STEM is taught as some kind of sacred yet dull grail of knowledge. Maths is formulaic and repetitive, mercilessly difficult for those who do not understand current teaching methods. Often, science is a list of strange words and bizarre concepts that students can’t grasp. Scientists are seen as antisocial, über-intelligent beings, framing their subject as the most important and the most worthy.

Meanwhile, most children don’t understand how STEM subjects translate into their world. This exclusionary, elitist view of science closes the door for most children before the journey has even begun.

Indeed, we need to frame science differently. We need to make it part of this world, not something above and beyond it. Teach students how the advent of radioactivity shaped Virginia Woolf’s use of language, or how the church reacted against scientific advances such as Copernicus’ heliocentric universe. Bring science and technology into history class, and show how the world has changed for better or for worse in relation to scientific advances. Make students debate the role of STEM in politics, whether religion or medical ethics should take priority in medical care – and how these issues impact their lives and the lives of their family and community.

Teach children how to code, and let them create art and games. Get kids wondering how technological advances could be used in media and art and take them to exhibitions that demonstrate this. Help a child to engineer the perfect sandcastle. If you show children how science intertwines with the world they love, not how it is separate from it, not only will you get more scientists, but you’ll get scientists who see and learn in different ways, who can solve problems innovatively and creatively.

More needs to be done than just getting the next generation interested in science. We need to provide more opportunities; retraining teachers to focus on girls and minorities in STEM subjects, giving them the same amount of attention and encouragement that their white male counterparts receive. Studies have shown girls are given less help in science, with girls in single-sex schools excelling in STEM subjects above their male co-ed counterparts. Give children appropriate scientific role models: female scientists, engineers of colour, LGBT+ technicians, disabled doctors, working class professors. Children need to know that anyone and everyone can be a scientist, not just the academically privileged.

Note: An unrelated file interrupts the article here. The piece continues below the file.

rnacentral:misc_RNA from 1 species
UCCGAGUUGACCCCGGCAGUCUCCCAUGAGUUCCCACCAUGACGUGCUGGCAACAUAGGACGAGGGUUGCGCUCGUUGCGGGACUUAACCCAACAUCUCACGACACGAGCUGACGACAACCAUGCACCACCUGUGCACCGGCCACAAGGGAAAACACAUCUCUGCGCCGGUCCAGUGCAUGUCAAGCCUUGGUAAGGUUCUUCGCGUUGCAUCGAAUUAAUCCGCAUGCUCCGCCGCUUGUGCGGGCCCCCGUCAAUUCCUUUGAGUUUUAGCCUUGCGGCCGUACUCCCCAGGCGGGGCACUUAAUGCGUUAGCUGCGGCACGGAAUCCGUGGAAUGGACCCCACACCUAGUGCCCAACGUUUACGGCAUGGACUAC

New summer programs should be set up, and more scholarships – specifically aimed at helping those who haven’t had access to a good STEM education. Kids who have been neglected need a chance to catch-up. Once you have a child interested and excelling in science, you need to keep them that way. Too many children might have an initial interest, but if they languish at the bottom of the class, coast in the middle, or grow bored at the top, their interest can fade. Free after-school clubs that allow children to create their own experiments could be formed. Older children with an interest in STEM could mentor younger ones. Giving children access to actual practising scientists,

doctors, and engineers and allowing them to ask questions and be curious will unleash a new kind of learning process, like the ‘Ask a Scientist’ website where kids can question STEM professionals.

We need to utilise media that young people enjoy and consume. TV shows, such as ‘Bill Nye the Science Guy’, have reached a wider audience, but the next generation of websites and educational apps must allow children to engage more deeply with STEM subjects. Games that teach as they play, like those on the Science Museum website, or ones that allow children to help scientists make new discoveries, like ‘Genes in Space’ from Cancer Research UK in which players spot patterns with data. These are the forms of media that will keep the next generation interested and engaged with science, evolving and growing interactively with their users.

The key is not just to teach children the facts of science, but the enthusiasm and the mind-set. Science is not telling children that Santa doesn’t exist, but helping them set up an experiment to determine it themselves. It’s teaching the little girl who loves fairies to keep a book recording her clues and researching all the different types. Teaching children to seek out knowledge is the real aim, whether that knowledge is real or imaginary. A belief in fairies will one day die, but an inquisitive nature will last forever. If we can recast STEM subjects in this way, we will not only secure the next generation of scientists, medics, and engineers, but also convert artists, writers, and an entire generation.

We need to refocus our lens, making STEM interesting and accessible to all, not only those who have a natural talent, or a privileged education. If we can achieve this, not only will the world become a more scientific place, but a more interesting, creative, and exciting one to boot.


This essay was originally written as an entry to the 2015 RCSU Science Challenge. The original title was “How do we inspire the next generation to take an interest in STEM (Science, Technology, Engineering, Maths)?”, which was the question posed by judge Ruth Winthcup.